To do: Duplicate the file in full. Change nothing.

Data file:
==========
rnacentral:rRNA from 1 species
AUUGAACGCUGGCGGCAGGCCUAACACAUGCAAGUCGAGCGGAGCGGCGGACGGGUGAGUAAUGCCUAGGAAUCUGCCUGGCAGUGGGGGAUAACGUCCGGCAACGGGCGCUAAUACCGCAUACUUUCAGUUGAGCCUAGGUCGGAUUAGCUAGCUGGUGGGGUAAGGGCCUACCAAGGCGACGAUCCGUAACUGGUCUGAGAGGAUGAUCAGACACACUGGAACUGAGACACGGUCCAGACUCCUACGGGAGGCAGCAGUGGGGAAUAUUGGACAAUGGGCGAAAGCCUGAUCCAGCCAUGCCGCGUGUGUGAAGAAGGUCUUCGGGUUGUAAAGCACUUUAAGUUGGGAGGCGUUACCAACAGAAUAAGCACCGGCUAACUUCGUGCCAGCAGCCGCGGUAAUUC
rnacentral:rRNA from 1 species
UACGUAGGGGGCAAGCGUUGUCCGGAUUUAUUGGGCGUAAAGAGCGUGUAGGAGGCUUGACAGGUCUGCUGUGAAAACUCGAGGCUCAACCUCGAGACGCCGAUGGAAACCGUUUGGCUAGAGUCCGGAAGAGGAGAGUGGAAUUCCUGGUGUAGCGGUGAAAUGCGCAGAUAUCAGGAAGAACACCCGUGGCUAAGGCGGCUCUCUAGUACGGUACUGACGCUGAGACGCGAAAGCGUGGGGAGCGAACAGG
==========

rnacentral:rRNA from 1 species
AUUGAACGCUGGCGGCAGGCCUAACACAUGCAAGUCGAGCGGAGCGGCGGACGGGUGAGUAAUGCCUAGGAAUCUGCCUGGCAGUGGGGGAUAACGUCCGGCAACGGGCGCUAAUACCGCAUACUUUCAGUUGAGCCUAGGUCGGAUUAGCUAGCUGGUGGGGUAAGGGCCUACCAAGGCGACGAUCCGUAACUGGUCUGAGAGGAUGAUCAGACACACUGGAACUGAGACACGGUCCAGACUCCUACGGGAGGCAGCAGUGGGGAAUAUUGGACAAUGGGCGAAAGCCUGAUCCAGCCAUGCCGCGUGUGUGAAGAAGGUCUUCGGGUUGUAAAGCACUUUAAGUUGGGAGGCGUUACCAACAGAAUAAGCACCGGCUAACUUCGUGCCAGCAGCCGCGGUAAUUC
rnacentral:rRNA from 1 species
UACGUAGGGGGCAAGCGUUGUCCGGAUUUAUUGGGCGUAAAGAGCGUGUAGGAGGCUUGACAGGUCUGCUGUGAAAACUCGAGGCUCAACCUCGAGACGCCGAUGGAAACCGUUUGGCUAGAGUCCGGAAGAGGAGAGUGGAAUUCCUGGUGUAGCGGUGAAAUGCGCAGAUAUCAGGAAGAACACCCGUGGCUAAGGCGGCUCUCUAGUACGGUACUGACGCUGAGACGCGAAAGCGUGGGGAGCGAACAGG